The past two days we’ve discussed “Event” blocks and how they get our Sprites to act once we click, or trigger another Sprite to react. Today we’ll discuss variables and how they can trigger events.
July 9th – A Week With Scratch
If you are using Scratch 2.0 you’ll find variables under the “Data” section. Once you click on the section you’ll see two options, “Make a Variable” and “Make a List” – we’ll cover make a list later.
The variable feature is helpful and something that is within the natural progression of the program. I’ve seen after school clubs that show the event blocks, then let the eventual curiosity of Scratch take over. Within a few days (2-3) students either start asking or figure it out and start teaching each other. It can be a beautiful thing. Unfortunately in the upper grades (especially in High School when you’re only option for CS is often AP CS A) you are force fed variables very quickly.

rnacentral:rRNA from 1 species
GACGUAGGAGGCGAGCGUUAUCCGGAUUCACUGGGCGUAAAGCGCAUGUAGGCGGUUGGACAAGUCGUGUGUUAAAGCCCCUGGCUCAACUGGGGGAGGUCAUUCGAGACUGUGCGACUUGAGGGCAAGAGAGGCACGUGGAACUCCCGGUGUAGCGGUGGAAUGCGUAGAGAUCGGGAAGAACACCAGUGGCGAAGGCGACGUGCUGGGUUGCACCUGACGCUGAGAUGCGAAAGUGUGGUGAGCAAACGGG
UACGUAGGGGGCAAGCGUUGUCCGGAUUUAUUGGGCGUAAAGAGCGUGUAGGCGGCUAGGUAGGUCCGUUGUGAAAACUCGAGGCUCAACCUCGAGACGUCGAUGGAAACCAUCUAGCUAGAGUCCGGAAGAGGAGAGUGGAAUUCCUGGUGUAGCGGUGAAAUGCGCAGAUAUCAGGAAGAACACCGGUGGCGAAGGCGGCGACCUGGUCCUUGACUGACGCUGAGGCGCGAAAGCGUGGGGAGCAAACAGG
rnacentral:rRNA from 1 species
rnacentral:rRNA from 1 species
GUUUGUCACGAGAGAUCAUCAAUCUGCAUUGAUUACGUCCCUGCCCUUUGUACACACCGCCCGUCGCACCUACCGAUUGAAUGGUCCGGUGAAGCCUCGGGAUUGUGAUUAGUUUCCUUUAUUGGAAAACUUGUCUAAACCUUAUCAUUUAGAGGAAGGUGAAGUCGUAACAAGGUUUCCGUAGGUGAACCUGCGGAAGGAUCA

Variables are similar to Math variables, and for the sake of this post, they are. It is a value that can change depending on the equation.
Two classic examples of variable usage are the timer and points.
Points need a simple “If” statement to trigger their value going up each time. In Scratch you can 1.) Create a variable (I called mine points) 2.) Set the value of the variable (I set mine at 0) 3.) and include in the “Forever loop” the “If” condition that if the Sprite is touching the other Sprite they get a point. Note: in my example I had the “Crab” randomly move around – but this could easily be an “avoid” game that subtracts points.
The timer is a little more complicated – only in a mistake that almost everyone makes right away. To create a timer: 1.) Create a variable (I called mine timer) 2.) Set the value of the variable (I set mine to 15 seconds) 3.) and include in the “Forever loop” the “Repeat” loop (with value set to 15) the 4.) Set a “wait 1 second” block for it to count down.
Using the blocks from yesterday, I have it set when the timer counts down from 5 to 0, then the Cat runs away. The blocks above are simple, the timer runs and “broadcast” a message (runAway) and then the Cat receives the message and does just that.